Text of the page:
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MGEX Research

RSS By: Joe Victor, AgWeb.com

Joe Victor is a Business Development Specialist with Minneapolis Grain Exchange, Inc., where he monitors cash grain activity and cash grain opportunities. He provides marketing advice through this blog.

Corn Acreage and Yield What Ifs:

Jul 23, 2009
USDA’s National Agriculture Statistic Service announced on 07/22/09 it will re-survey seven corn and two sorghum producing states, in response to variable weather conditions. If planted acreage adjustments are needed, USDA will include the cause and effect within its August 12th crop production report.
Allendale Inc needs to clarify, USDA’s additional data collection of this magnitude at the end of July, before the August crop production report is rather rare, however a similar adjustment was made just one year ago. The results of last years revision discovered 100 K fewer acres planted in IL, IN, MO and 50 K fewer acres in WI vs USDA June 30th, 2008 planted acres estimated. Immediately a number of “what ifs” for 2009 are circulating within the corn trade with regards to the anticipation USDA is likely to reduce corn acres planted but tempering outright enthusiasm by keeping in mind USDA is likely to increase its corn yield estimate. Within this special report, Allendale Inc includes a graph of several “what ifs” for you to glean prior to the USDA August crop production report release.
The starting point is the here and now which uses USDA’s most recent supply demand data estimates of 87.04 million acres planted, 80.11 mil acres harvested, 153.4 bushels per acre, and ending stocks of 1.55 billion bushels vs old crop stocks of 1.77 billion bushels. By comparison, Allendale Inc’s 2009/10 end stocks estimate would be 1.587 billion bushels of 2009/10 end stocks before any yield or acreage adjustment and represented in the far left column. What if USDA left the corn yield unchanged but reduced planted acres by 500,000, then end stocks could narrow by 5% to a level of 1.511 billion bushels. Based on present crop condition reports, Allendale Inc estimates the national corn yield average at 157.2 bushels per acre and if acres are reduced by 500,000 suggest end stocks of 1.813 billion bushels for a 14% increase.
Yet another “what if” USDA were to trim planted acres by a heavy 1 million acres and using Allendale Inc yield could suggest end stocks increase of 6.6% larger than presently estimated or 1.692 billion bushels. Our fourth scenario utilizes the corn trade yield talk of 159.5 bushels per acre with a 500,000 acre reduction and presents the potential for ending stocks of 1.996 billion bushels. Our fifth and final “what if” utilizes a University of Illinois record breaking national yield estimate of 161.9 bushels per acre associated with the trades notion of a 500,000 planted acre reduction, producing ending stocks over 2 billion bushels.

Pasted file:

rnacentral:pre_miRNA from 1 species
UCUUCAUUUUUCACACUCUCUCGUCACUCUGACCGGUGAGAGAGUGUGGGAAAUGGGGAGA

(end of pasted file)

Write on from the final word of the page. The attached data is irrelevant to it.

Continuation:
Some questions to muse over with regards to USDA’s Wednesday announcement, is it likely to reduce corn acres and increase sorghum acres (Illinois and Missouri) to suggest safe feed and fuel stocks? Are you considering similar corn acreage reductions as the trade of 500,000? Are you anticipating a mild increase to 157.2 bushels per acre as Allendale suggest or are you anticipating a heavy yield increase as University of Illinois is considering?
What are your thoughts regarding these scenarios? Are you more likely to implement marketing plan adjustments before or after the USDA August 12th crop production report?.........Joe Victor
 
Allendale Inc welcomes any questions you may have by calling 800-551-4626 or
 
  
The thoughts expressed and the basic data from which they are drawn are believed to be reliable but cannot be guaranteed. Any opinions expressed herein are subject to change without notice. Hypothetical or simulated performance results have certain inherent limitations. Simulated results do not represent actual trading. Simulated trading programs are subject to the benefit of hindsight. No representation is being made that any account will or is likely to achieve profits or losses similar to those shown. Commodity trading may not be suitable for recipients of this publication. This is not a solicitation of the purchase or sale of any commodities. Those acting on this information are responsible for their own actions. Any republication, or other use of this information and thoughts expressed herein without the written permission of Allendale, Inc., is strictly prohibited. Allendale Inc. c2009
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COMMENTS (5 Comments)

Anonymous
I know the area I am in will see above average yields. I am under the impression Iowa, Mn, and Wi may also - but Illinois and Indiana will lag behind.
8:36 AM Jul 24th
 
Sorghum
Illinois and Missouri, are you seeing more than usual sorghum acres this year?
8:25 AM Jul 24th
 
 
 
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